Expected Budget Changes from Moving

I’ve talked about the benefits to us moving in general, but what are the real budget changes we’re expecting once we move?  I know the first few months will be all over the map on how much we spend because we’ll still be settling in, fixing things in a new house, etc.  But I have a pretty good idea of how much extra we’ll be saving.  This isn’t all of our budget, but the items I think will be changing.  The rest, like how much we spend on clothes or groceries might change a little, but not really drastically.    Our income isn’t changing significantly (I’m getting $2000 less per year – about $150/mth), and Dad’s is staying exactly the same.

Overall, we’ll be spending a little less in food and clothing purchases because of Pittsburgh/Allegheny county sales tax (0% clothes and basic food vs the 6% on clothes and 2.55% on food in VA).  We’ll also theoretically be paying less in income taxes,  VA has a 6% on Federal AGI tax, but PA taxes ~3% of all income (very few deductions), and 0.5-1% local income tax – depending on where we live.  We shelter a lot of income from the feds (and therefore VA), and it won’t be sheltered from PA income tax, so I don’t know how the raw numbers will work out. I don’t *think* we have enough sheltered to make up the 3% difference, but we might.

Bills that will go up:

VA PA Difference
Auto insurance 75 110 -35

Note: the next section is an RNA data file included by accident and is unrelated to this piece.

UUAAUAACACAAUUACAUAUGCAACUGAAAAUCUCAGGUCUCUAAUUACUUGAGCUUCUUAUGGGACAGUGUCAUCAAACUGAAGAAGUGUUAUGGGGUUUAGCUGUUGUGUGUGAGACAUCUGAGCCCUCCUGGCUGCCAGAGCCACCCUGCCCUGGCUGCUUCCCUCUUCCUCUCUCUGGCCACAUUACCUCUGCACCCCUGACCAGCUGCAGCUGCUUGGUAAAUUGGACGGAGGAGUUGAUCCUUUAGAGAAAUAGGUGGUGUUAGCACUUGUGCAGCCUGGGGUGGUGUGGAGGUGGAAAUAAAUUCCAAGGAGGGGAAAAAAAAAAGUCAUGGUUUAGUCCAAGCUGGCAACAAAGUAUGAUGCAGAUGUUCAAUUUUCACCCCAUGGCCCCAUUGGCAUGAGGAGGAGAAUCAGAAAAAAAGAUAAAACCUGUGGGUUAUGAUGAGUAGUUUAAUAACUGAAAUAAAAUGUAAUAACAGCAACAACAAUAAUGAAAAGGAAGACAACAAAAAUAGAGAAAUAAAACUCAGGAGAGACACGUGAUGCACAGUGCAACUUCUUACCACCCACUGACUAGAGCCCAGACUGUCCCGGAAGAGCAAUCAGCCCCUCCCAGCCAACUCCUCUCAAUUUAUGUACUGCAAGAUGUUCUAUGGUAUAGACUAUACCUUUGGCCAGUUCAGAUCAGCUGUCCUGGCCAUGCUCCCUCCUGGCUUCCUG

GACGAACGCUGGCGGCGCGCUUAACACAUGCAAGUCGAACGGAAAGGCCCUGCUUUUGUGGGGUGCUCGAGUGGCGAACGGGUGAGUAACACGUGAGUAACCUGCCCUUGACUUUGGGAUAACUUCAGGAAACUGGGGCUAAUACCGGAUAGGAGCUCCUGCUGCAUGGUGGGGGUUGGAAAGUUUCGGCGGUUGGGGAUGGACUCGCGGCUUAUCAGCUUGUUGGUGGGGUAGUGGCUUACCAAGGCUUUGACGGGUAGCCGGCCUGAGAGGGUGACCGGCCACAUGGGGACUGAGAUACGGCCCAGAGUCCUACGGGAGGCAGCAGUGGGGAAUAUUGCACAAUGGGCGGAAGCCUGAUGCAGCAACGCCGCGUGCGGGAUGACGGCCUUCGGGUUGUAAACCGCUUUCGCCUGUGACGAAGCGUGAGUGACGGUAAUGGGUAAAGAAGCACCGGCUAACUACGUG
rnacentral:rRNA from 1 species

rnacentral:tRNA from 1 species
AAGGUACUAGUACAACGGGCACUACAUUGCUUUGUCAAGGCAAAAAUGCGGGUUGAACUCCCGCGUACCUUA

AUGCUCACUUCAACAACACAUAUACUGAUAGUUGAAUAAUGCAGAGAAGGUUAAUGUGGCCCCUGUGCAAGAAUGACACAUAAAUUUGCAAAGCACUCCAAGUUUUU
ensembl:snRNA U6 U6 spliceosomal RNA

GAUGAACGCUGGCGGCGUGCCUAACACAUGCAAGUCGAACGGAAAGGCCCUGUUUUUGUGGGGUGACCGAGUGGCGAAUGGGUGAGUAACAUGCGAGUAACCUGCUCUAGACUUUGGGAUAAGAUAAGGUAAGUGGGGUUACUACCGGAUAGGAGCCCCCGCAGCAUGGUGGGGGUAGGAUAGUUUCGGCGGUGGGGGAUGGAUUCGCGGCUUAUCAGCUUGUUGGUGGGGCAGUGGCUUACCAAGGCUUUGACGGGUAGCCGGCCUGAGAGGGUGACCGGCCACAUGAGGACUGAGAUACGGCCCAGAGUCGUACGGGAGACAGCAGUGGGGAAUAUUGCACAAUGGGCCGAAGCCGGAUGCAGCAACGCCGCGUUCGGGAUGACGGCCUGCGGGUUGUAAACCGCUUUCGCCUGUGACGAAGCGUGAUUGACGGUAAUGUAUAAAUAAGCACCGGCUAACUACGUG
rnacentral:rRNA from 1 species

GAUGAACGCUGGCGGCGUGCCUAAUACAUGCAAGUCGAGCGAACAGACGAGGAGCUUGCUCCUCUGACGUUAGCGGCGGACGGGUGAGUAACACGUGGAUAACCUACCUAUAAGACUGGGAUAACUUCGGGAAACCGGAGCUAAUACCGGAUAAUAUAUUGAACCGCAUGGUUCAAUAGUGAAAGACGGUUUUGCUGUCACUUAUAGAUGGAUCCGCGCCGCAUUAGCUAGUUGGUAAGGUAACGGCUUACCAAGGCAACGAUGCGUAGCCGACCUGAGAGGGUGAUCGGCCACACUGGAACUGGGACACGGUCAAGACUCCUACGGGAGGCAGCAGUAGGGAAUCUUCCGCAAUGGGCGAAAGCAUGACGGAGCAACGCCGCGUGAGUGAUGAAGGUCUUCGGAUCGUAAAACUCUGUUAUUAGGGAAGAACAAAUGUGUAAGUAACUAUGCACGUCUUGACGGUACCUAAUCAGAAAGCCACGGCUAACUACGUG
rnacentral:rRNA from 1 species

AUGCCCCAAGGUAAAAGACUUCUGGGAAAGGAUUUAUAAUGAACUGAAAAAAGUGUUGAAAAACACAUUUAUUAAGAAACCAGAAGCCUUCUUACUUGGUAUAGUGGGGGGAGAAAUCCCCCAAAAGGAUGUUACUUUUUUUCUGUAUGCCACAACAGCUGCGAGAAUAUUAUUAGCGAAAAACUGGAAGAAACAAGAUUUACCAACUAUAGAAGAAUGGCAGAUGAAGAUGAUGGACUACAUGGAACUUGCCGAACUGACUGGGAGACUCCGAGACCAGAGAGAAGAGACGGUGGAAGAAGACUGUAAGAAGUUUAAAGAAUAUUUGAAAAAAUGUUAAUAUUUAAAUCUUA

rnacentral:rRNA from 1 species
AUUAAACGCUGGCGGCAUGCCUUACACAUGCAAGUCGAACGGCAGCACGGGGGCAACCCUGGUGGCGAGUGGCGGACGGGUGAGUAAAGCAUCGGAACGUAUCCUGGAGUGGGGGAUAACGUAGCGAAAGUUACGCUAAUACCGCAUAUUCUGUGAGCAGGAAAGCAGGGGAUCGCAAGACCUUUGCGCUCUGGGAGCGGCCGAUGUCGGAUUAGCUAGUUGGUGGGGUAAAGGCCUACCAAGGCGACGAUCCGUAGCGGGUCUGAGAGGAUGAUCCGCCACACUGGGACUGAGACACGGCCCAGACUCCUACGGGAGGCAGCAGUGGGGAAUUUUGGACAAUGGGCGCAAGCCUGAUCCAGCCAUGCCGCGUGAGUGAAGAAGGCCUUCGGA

Bills that will go down:

VA PA Difference
Mortgage (including property taxes & insurance) 2700 1700 1000
Daycare 1300 500 800

Just among those three things, we will be able to save an extra $1765 per month beyond what we’re saving now.

Definitely looking forward to seeing how all the expenses play out.  We are also likely to save more in fuel as I’m planning on taking the bus to work on a regular basis (and I get a free bus pass as a perk of employment, but I have to pay for a parking pass).  That’s a decision that hasn’t been made yet though, so we’ll see how it plays out.

We’re also going to have at least one month with no mortgage – just as part of the buying and selling process (and we’re living with my mom during that time).

Update July 21: I just found out that I’m also getting an $80 “communication allowance” per month to pay for cell and Internet service.  That’s about 90% of our entire family cell phone bill – an “extra” $80 per month 🙂

Have you ever made a significant move to lower your expenses?

12 thoughts on “Expected Budget Changes from Moving

    1. Mom Post author

      You moved more or less within the same city though didn’t you? I’m sure there are some differences based on the neighborhoods, but taxes, food costs, etc are likely to be the same.

      Reply
  1. plantingourpennies

    While lowering costs has never driven a move (though avoiding higher costs has stopped me from relocating), we did realize a pretty significant benefit when we moved to our current town in FL. While our spending is about the same, or maybe just a little less, our lifestyle inflated pretty dramatically (from 400 sqft apartments to home with pool in nice neighborhood, etc). All in all, it feels like a good decision.

    Reply
    1. Mom Post author